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The home of Echizen washi in Echizen City, Fukui Prefecture is the Goka area, a cluster of five small villages––Oizu, Ōtaki, Iwamoto, Shinzaike, and Sadatomo––blessed with abundant spring water and surrounded by mountains. This area of Echizen was developed early: to the west lies the Takefu Basin, home of the old provincial government and to the south over the mountain one sees Ajimano, an old kofun grave mound site. An old legend tells of the ancestral deity of paper. At the time when the future Emperor Keitai was in the Echizen area, a beautiful princess appeared in the upper reaches of the Okamoto river. “With no space for growing rice in this narrow valley, life must be hard. Yet you are blessed with clean, clear water, so you should make paper.” And she took off her outer robe, hung up a bamboo pole, and taught them the art of papermaking. When the villagers asked for her name, answering simply that she lived up the Okamoto river, she vanished. Since then, the villagers have worshiped the “Upper River” goddess, Kawakami Gozen, as the ancestral deity of paper. Based on the its long-distinguished history, in 1923 the Papermaking Section of the National Printing Bureau in the Ministry of Finance has honored the papermaking goddess and she has become the guardian of the paper production for all Japan.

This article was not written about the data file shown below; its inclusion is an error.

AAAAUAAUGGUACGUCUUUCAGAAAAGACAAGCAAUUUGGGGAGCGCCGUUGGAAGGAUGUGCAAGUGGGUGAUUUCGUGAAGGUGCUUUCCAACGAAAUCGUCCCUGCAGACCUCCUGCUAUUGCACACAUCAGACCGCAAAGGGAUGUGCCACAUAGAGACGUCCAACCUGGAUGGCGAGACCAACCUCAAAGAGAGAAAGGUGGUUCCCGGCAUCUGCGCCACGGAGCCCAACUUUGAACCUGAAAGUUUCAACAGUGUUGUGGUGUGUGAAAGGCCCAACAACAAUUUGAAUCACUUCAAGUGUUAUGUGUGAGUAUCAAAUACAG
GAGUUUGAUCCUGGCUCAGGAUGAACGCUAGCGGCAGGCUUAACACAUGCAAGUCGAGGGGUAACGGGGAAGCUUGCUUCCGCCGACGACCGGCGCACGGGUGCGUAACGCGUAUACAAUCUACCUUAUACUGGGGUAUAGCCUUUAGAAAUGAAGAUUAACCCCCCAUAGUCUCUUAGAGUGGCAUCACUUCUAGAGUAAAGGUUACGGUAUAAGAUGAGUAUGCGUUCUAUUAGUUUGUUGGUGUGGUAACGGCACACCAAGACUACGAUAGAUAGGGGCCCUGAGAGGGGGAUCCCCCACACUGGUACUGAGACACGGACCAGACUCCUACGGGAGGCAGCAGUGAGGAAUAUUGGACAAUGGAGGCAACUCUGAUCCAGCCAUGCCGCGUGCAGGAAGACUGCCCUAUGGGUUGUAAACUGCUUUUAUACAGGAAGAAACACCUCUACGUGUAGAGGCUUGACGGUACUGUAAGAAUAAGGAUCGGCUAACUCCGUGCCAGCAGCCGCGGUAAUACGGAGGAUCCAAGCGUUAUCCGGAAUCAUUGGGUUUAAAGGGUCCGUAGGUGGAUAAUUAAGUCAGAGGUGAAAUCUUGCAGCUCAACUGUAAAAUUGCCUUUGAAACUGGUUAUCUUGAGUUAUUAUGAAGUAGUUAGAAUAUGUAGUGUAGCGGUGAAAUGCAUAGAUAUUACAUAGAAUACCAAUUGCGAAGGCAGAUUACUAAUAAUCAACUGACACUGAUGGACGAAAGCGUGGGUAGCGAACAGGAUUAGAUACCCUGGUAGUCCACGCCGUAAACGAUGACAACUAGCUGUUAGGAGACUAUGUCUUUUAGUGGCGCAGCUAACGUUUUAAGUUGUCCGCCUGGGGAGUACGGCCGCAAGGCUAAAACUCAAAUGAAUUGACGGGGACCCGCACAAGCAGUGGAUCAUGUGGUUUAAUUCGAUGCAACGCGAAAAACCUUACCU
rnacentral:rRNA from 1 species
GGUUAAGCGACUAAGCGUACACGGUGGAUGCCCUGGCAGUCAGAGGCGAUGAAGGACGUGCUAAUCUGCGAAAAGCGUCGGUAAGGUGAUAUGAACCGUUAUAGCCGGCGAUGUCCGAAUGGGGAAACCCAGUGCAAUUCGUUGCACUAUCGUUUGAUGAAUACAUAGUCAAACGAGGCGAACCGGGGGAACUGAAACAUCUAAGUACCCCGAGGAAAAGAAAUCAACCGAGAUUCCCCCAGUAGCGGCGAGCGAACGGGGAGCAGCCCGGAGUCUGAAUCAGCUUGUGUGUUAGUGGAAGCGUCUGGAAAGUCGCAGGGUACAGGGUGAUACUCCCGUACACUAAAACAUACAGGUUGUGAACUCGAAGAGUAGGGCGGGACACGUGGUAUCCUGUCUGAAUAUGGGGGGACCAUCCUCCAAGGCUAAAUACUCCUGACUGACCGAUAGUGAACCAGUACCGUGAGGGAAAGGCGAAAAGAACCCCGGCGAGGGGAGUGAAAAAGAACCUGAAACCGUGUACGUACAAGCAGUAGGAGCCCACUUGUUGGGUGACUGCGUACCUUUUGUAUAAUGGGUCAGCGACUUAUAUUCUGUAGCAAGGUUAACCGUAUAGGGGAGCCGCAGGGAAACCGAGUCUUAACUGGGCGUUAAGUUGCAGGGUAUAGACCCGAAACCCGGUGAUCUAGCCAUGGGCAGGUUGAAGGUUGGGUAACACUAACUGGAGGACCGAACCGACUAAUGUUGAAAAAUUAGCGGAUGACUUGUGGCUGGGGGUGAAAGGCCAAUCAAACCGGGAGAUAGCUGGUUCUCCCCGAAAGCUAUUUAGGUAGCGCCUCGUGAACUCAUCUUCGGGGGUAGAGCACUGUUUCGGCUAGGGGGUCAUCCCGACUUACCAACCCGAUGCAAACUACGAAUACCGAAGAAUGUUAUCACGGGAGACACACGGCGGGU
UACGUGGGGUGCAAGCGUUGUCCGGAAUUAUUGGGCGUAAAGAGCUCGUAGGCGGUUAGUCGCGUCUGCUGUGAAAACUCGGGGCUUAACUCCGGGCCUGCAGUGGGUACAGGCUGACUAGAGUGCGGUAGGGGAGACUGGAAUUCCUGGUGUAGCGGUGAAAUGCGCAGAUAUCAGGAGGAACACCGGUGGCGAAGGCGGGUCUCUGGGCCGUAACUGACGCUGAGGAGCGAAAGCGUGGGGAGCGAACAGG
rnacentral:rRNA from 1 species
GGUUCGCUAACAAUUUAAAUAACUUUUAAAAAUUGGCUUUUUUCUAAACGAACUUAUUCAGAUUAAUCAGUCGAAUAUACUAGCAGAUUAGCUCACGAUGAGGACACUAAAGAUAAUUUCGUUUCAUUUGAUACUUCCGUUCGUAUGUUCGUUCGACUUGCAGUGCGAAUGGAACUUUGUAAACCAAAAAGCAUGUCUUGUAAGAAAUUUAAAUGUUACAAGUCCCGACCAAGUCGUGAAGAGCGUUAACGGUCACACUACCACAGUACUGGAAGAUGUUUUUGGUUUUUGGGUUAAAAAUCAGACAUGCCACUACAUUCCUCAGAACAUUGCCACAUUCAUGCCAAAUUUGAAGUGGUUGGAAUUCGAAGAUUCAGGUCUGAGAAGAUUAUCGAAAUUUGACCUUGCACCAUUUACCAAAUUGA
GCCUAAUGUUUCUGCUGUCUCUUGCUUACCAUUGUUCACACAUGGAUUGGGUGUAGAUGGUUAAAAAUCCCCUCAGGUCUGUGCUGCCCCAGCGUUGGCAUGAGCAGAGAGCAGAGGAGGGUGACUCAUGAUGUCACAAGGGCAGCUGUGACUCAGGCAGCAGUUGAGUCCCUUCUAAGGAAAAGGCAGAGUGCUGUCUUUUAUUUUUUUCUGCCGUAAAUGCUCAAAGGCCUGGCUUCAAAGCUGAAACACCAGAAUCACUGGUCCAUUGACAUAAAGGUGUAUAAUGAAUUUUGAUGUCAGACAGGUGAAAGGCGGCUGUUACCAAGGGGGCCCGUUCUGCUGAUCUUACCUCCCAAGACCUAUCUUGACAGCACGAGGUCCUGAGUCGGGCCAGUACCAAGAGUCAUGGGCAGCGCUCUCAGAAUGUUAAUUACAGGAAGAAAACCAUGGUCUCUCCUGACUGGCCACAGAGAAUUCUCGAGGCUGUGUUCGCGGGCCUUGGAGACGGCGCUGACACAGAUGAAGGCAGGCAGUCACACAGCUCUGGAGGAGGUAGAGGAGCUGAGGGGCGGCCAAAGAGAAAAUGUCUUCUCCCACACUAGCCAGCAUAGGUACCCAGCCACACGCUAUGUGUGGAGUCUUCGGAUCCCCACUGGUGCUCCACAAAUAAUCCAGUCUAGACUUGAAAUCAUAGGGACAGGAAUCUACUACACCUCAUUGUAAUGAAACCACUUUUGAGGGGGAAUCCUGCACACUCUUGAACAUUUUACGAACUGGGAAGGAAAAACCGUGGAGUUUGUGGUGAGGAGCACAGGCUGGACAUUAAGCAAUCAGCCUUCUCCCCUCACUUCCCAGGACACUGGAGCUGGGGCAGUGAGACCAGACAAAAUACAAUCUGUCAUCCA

Details

  • Title: The Shrine Okamoto Ōtaki Jinja, Echizen Washi
  • Subject Keywords: Fukui Prefecture
  • Rights: © The Paper and Culture Museum

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